Isolation and associated growth/morphological characteristics of yeast strains

A total of 53 yeast isolates (OBS1-OBS53) were isolated from the nectar of toddy palm collected from different regions of Telangana state of India. The basic idea behind this is to enable isolation of yeast strains from different hostile environments which will facilitate the function of isolated strains with plausible efficient probiotic characteristics.

Fifteen yeast isolates (OBS1-OBS15) were selected for further studies based on their differential growth and colony morphology like margin, elevation, color, type of fermentation and shape.

The yeast isolate OBS12 showed biomass formation upon mannitol supplementation, S. boulardii showed biomass formation in Lactose supplemented medium. However, all isolates did not form biomass in ribose, cellulose, starch supplemented media. Except OBS9, OBS2 and OBS4, biomass was observed for all the isolates in galactose supplemented medium (Table 1).

Table 1 Sugar assimilation profile of yeast isolates

Probiotic properties of yeast isolates

Antimicrobial drug sensitivity and antagonistic properties

Fifteen yeast isolates were tested for antimicrobial drug susceptibility by disc diffusion method. The results of the antimicrobial drug susceptibility of the yeast strains OBS1 and OBS2 against 21 antibacterial and 8 antifungal drugs are summarized in Fig. 1. All the 15 isolates were resistant to the β- lactams cephalosporins i.e. Cefmetazole (30 µg) and Ceftazidime (10 µg); OBS1 and OBS10 were resistant to the cell wall biosynthesis inhibitor and the antifungal agent Clotrimazole (10 µg); S. boulardii, OBS4 and OBS10 were resistant to synthetic Triazole antifungal agent Fluconazole (10 µg); S. boulardii, OBS1, OBS2, OBS3, OBS5, OBS10, OBS13 and OBS15 were resistant to azole antifungal, Itraconazole (10 µg) and OBS9 was resistant to Ketoconazole (50 µg), Miconazole (50 µg), the azole antifungals and Nystatin, an antimycotic polyene antibiotic (100 µg). The other isolates were sensitive to all the antifungal agents. Yeast isolate OBS2 was sensitive to aminoglycosides-Streptomycin (10 µg) and Gentamicin (10 µg) with 0.1 and 0.2 cm zone of inhibition, respectively whereas OBS1 was sensitive to Gentamicin (10 µg) with 0.2 cm zone of inhibition. All other isolates were resistant to all antibacterial agents and hence did not show any zone of inhibition around the disc.

Fig. 1
figure 1

Antimicrobial drug sensitivity of a yeast isolate OBS2 and b OBS1

Based on the results of morphological, cultural and antimicrobial drug sensitivity profiles, 8 isolates (i.e. OBS1, OBS2, OBS4, OBS7, OBS9, OBS11, OBS12 and S. boulardii) were selected for further studies.

The results clearly indicate that 12 h grown cultures of all the eight yeast isolates and 24 h grown cultures of OBS7 and OBS9 did not show any antimicrobial/antagonistic activity towards intestinal pathogenic bacteria. Pathogenic E. coli 0157:H7 was resistant to S. boulardii and OBS4 whereas K. pneumoniae was resistant to 24 h grown cultures of OBS1. Bacterial cultures like E. coli 0157:H7, P. aeruginosa, K. pneumonia, Staph. aureus, S. typhi and S. paratyphi were sensitive to yeast isolates OBS1 with 0.8, 0.2 0.0, 0.8, 0.3 and 0.8 cm, OBS2 with 0.5, 0.5, 0.6, 0.8, 0.3 and 0.8 cm, OBS3 with 0.8, 0.3, 0.8, 0.6, 0.3 and 0.8 cm, OBS4 with 0.0, 0.3, 0.2, 0.5, 0.3 and 0.8 cm and OBS12 with 1.0, 0.5, 1.0, 1.0, 0.2 and 1.0 cm zone of inhibition, respectively (Fig. 2).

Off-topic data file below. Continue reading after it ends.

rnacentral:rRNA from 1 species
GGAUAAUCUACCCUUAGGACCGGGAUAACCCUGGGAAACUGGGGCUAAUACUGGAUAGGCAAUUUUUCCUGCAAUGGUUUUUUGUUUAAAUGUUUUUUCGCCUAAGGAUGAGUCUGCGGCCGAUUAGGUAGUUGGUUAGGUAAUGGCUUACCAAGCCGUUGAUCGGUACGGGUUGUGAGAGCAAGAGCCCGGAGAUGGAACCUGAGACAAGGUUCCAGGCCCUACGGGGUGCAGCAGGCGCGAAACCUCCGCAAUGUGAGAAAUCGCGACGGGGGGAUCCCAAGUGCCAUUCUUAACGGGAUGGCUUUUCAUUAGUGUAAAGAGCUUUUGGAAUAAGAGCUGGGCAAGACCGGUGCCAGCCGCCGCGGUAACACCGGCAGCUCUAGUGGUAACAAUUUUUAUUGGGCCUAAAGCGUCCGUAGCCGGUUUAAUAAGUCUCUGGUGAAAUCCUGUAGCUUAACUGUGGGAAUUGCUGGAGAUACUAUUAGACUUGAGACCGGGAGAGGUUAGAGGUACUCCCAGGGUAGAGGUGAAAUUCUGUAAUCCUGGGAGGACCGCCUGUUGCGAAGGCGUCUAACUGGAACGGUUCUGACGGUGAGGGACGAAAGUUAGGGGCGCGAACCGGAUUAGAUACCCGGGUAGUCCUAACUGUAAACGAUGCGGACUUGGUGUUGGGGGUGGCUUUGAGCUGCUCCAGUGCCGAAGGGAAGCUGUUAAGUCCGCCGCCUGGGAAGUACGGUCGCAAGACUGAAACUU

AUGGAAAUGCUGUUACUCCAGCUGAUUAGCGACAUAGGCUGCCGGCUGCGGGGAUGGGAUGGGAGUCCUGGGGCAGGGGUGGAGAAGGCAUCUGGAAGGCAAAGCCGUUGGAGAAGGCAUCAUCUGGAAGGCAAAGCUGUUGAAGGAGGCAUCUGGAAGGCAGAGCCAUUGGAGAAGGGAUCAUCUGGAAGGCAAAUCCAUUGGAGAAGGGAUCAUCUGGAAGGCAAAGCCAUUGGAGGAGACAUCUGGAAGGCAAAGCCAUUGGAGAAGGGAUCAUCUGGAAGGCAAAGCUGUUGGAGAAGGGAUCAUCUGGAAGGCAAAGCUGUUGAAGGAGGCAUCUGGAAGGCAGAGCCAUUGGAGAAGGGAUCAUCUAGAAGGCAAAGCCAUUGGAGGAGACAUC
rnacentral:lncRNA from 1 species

Fig. 2
figure 2

Antagonistic activity of yeast isolates 1 OBS1, 2 OBS2, 3 OBS3, 4 OBS4, 5 OBS7, 6 OBS9, 7 OBS12 and 8 S. boulardii on human intestinal pathogens a Escherichia coli 0157:H7, b Pseudomonas aeruginosa, c Klebsiella pneumonia, d Staphylococcus aureus, e Salmonella typhi and f Salmonella paratyphi

Yeast isolates OBS1, OBS2, OBS3, OBS4, OBS7, OBS9 and OBS12 showed percent cell viability of 78, 85, 81, 78, 28, 35 and 62, respectively when cultured with E. coli 0150:H5. Similarly the isolates OBS1, OBS2, OBS3, OBS4, OBS7, OBS9 and OBS12 showed percent cell viability of 53, 82, 25, 28, 25, 26 and 73, respectively when cultured with L. acidophilus. Whereas S. boulardii showed 53 percent viability with E. coli 0150:H5 and 62 percent viability with L. acidophilus. In none of the above studies cell viability of neither E. coli 0150:H5 (86 percent) nor L. acidophilus (84 percent) got affected by yeast isolates.

Stress tolerance

Tolerance to temperature by yeast isolates OBS2 and OBS9 was significantly (p < 0.01) different from other isolates at 45  and 40 °C, respectively.. Tolerance observed for OBS2 at 45 °C, pH 2, 1 percent ox-bile and 1 percent organic acid mixture were 97.66, 92.66, 92.33 and 91.33 percent, respectively which were significantly (p < 0.01) different from other yeast isolates (Table 2).

Table 2 Percent tolerance of yeast isolates at different temperature, pH, Ox-bile and organic acid mixture concentrations

The tolerance ability of yeast isolates to various digestive enzymes such as amylase, pepsin and trypsin was observed and OBS1, OBS2 and S. boulardii showed better tolerance compared to other isolates. However, the percent tolerance observed for OBS2 at 350 IU ml−1 amylase, 0.75 mg ml−1 trypsin and 6.0 g l−1 pepsin was 89.33, 99.33 and 96.66, respectively and significantly (p < 0.01) different from other isolates (Table 3).

Table 3 Percent tolerance of yeast isolates at different concentration of human gastric enzymes

Among the 7 yeast isolates, OBS1 and OBS2 tolerate extreme conditions of the gastrointestinal tract like temperature, low pH, organic acids and digestive enzymes, i.e. pepsin and amylase in the stomach and trypsin and bile in the upper intestine.

Pathogenicity of yeast isolates

The seven yeast isolates did not show any zone of hydrolysis around the colony on specific media indicating that none of the isolates have protease, phospholipase and haemolytic activity (Fig. 3). Further, except OBS1, OBS2 and S. boulardii the template DNA was amplified with primers of human pathogenic yeast C. albicans and hence were considered as pathogens. The yeast isolates OBS1 and OBS2 were considered as non pathogens and selected for further studies (Fig. 4).